This is a sponsored post by Denny’s. All opinions (and debts) are mine.
I’m pretty sure that I have more debt than the average 27 year-old millennial. Between mothering a kid with a chronic medical condition (hospital debt!!) and my shiny degree from the ritzy, private college, I owe people a lot. A whole lot. I’m not talking about, “OMG, how am I going to pay off this $5000 student loan that I just had to get to cover my last semester in college?” lot, but an “OMG, my insurance didn’t cover my C-section, my kid spent 12 days in the hospital when I’d just changed jobs and didn’t have insurance yet” kind of a lot. Sometimes it can be overwhelming to think of how much debt I’ve accumulated in my short 27 years. I’m trying to buy a house for goodness sake! That’s even more debt, even more people to owe. Ugh, what’s a girl to do?
Living with lots of debt
To be fair, I’ve had the internal tug of war between throwing everything I have towards the debt versus just living with it–on a near daily basis. It’s hard to willingly “blow money” on fun things when you have so much debt hanging over your head, day in and day out. In the end, though, I’ve always sided with living with the debt, doing what I can to manage it, but not stopping my life because of it. I just feel like life is too short to always be living for tomorrow. Yep, debt elimination is important and something that everyone should strive for. But am I going to miss out on any part of my life because of it? Not a chance.
I know this sounds like something a cocky millennial would say and that’s probably because I’m knee deep in millennialism right now. At 27, I see things a bit differently than, say, a 37 year-old might. I’m in the thick of it, with a family, and I’m doing the very best I can to manage my debt, but still live my life.
I still travel
Traveling is one of my favorites things to do in the world. If I could travel for months at a time, I would. Having a lot of debt does put a damper on things though, although not too much. For example, for the past few years, we’ve done quite a few road trips. We’ve gone to Minneapolis, St. Louis, Kansas City, Chicago, Tennessee, Austin, Dallas, and a host of other places. And we’ve done it all by car. I even took a cruise a few years ago and got to bask in the Bahamian sun. That one wasn’t by car, but you catch my drift. I refuse to not go where I want to go because of debt.
I still go out/eat out/hang out
One of the things about personal finance and these debt elimination programs that I really dislike is this idea of deprivation. “Say goodbye to going out with your friends and that morning coffee you love so much. You’re eliminating debt now!” Umm, yes, but I still want to live my life. You know, this one life that I get and can’t get back once it’s gone? Yeah, that one. So, I’m really not about depriving myself of the things that I enjoy even if it means that I eliminate debt at a slower pace. For example, I love eating out and I don’t have any plans to ever stop eating out. But I also try to be smart with my money when it comes to eating out. For example, I’m a big fan of cost effective value menus. Denny’s $2468 menu allows me to feed myself and my family on about $20. I can get my $6 Southwest Turkey Sandwich with a cup of soup and Hubz can get his $6 Baja Quesadilla Burger. The kid, of course, could have her $2 Cheese Quesadilla and wash it down with a $2 Original Pancake Puppies® Sundae. No debt guilt here. I don’t compromise my budget or what I want to do, which is kick back with my family, share some laughs, and eat some good food.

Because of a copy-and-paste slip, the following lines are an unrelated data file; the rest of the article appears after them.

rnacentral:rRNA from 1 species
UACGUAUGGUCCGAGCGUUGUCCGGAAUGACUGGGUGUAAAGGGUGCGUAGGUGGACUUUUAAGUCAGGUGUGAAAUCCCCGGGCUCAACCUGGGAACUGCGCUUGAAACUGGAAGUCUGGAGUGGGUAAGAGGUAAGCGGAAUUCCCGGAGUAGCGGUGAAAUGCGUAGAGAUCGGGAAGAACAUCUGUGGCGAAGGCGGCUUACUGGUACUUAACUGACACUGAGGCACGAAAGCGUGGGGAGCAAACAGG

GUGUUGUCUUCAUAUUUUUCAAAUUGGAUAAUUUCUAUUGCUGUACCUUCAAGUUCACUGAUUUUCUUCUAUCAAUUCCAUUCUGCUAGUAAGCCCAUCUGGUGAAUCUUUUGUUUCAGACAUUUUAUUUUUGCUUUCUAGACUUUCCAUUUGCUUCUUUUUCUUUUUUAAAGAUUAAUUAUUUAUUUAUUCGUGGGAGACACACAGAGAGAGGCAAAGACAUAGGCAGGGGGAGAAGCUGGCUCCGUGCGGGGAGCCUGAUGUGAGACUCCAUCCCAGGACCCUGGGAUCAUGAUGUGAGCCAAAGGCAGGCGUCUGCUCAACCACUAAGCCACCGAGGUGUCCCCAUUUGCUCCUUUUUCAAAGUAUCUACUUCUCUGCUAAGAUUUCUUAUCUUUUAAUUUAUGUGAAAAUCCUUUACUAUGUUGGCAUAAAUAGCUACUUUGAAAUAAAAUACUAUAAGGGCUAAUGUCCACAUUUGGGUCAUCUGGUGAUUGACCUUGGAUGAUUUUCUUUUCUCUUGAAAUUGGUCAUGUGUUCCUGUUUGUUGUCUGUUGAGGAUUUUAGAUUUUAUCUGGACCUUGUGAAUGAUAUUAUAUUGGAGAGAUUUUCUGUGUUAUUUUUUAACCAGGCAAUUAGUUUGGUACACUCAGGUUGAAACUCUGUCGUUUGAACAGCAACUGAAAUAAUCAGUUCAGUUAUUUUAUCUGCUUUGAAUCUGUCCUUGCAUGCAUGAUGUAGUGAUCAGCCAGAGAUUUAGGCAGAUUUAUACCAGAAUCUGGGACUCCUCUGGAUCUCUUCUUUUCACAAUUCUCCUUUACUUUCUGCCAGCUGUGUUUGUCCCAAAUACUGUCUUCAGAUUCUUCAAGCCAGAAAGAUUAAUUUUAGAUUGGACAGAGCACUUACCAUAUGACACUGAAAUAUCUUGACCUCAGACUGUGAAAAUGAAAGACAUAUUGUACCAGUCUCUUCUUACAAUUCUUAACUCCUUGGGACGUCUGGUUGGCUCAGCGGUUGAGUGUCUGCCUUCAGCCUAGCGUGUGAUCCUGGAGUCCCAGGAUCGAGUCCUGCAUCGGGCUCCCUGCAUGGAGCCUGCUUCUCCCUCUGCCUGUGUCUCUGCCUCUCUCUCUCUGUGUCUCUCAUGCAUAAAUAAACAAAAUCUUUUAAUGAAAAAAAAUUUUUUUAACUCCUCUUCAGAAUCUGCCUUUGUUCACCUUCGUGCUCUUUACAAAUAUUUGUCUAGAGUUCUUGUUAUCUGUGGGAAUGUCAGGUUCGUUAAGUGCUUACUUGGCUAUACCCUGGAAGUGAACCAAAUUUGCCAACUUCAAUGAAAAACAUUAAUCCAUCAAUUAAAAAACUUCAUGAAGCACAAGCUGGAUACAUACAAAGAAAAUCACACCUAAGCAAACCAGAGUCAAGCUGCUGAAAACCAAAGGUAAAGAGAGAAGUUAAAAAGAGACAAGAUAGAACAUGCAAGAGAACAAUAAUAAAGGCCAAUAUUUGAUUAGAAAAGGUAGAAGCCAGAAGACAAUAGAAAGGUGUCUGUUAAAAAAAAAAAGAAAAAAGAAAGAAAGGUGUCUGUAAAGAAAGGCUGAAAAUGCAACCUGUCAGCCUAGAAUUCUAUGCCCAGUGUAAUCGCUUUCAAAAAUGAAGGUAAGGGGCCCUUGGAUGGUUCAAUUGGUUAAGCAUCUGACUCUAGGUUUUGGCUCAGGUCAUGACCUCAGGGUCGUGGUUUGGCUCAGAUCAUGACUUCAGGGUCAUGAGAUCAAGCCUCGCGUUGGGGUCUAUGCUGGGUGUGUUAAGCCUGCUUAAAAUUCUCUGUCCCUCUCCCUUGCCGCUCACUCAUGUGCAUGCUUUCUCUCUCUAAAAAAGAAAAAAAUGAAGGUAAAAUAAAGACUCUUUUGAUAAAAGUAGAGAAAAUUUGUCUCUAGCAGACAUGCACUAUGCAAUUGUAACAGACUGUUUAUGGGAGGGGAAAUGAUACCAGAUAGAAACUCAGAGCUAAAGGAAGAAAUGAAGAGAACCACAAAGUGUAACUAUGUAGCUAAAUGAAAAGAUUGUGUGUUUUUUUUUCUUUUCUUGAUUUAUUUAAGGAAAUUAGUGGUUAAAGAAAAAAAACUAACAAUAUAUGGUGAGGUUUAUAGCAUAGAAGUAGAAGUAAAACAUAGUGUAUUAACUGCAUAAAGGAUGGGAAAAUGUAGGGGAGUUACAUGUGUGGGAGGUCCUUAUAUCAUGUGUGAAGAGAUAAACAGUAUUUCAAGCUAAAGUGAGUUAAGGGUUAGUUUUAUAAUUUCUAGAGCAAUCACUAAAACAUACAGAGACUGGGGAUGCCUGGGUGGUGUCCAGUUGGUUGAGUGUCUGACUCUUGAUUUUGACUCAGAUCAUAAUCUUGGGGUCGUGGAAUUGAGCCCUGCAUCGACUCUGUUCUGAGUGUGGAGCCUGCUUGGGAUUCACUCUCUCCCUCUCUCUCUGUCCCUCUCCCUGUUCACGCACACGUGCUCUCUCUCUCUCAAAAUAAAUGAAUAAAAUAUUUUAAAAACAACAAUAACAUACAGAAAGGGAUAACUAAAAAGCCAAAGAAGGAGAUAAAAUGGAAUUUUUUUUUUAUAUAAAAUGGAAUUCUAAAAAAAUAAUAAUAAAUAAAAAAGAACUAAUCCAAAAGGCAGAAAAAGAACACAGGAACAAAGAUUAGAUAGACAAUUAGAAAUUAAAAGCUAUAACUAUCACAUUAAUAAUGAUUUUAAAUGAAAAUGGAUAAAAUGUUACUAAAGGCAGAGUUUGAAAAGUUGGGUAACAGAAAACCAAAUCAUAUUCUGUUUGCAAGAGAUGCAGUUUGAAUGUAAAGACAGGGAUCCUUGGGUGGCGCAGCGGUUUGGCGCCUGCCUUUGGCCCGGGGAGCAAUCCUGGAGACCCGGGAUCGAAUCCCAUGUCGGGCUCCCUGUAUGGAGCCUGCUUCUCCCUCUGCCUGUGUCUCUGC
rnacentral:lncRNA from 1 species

I still save
Debt can make you feel like you can’t save. It says stuff like, “Throw all your extra money at me. Give it to me!” Honestly, though, since I have a lot of debt, I find it even more imperative to save. I look at it like this: if something were to happen and I needed to dip into my emergency fund, where would I dip if I’ve only been paying down debt and not saving? It’s not like I can borrow from the debt I’ve been paying off or use the money I’ve been paying off my debt with to take care of my emergency. That money is long gone. Besides, without an emergency fund, I’m probably looking at a whole lot more debt depending on what the emergency is. That’s why I always make it a priority to save, no matter how much debt I accumulate, no matter how little my savings is. Saving is non-negotiable.
I still pursue my passions + invest in me and what’s important to me
What’s life if you can’t do and have the things that light you on fire? I am a lover of the written word. I am a lover of learning. Therefore, debt does not stop me from buying books, taking classes, pursuing my goals, etc. While I won’t max out a credit card or take out an extra loan to attend a conference, what you won’t ever hear me saying is, “Oh I can’t go because I really should be putting this conference registration fee towards my debt.” And on that same note, Jam will play soccer, participate in gymnastics, go on school trips, take piano lessons, and everything else without a thought being given to who and how much I owe.
I’m managing my debt. My debt is not managing me.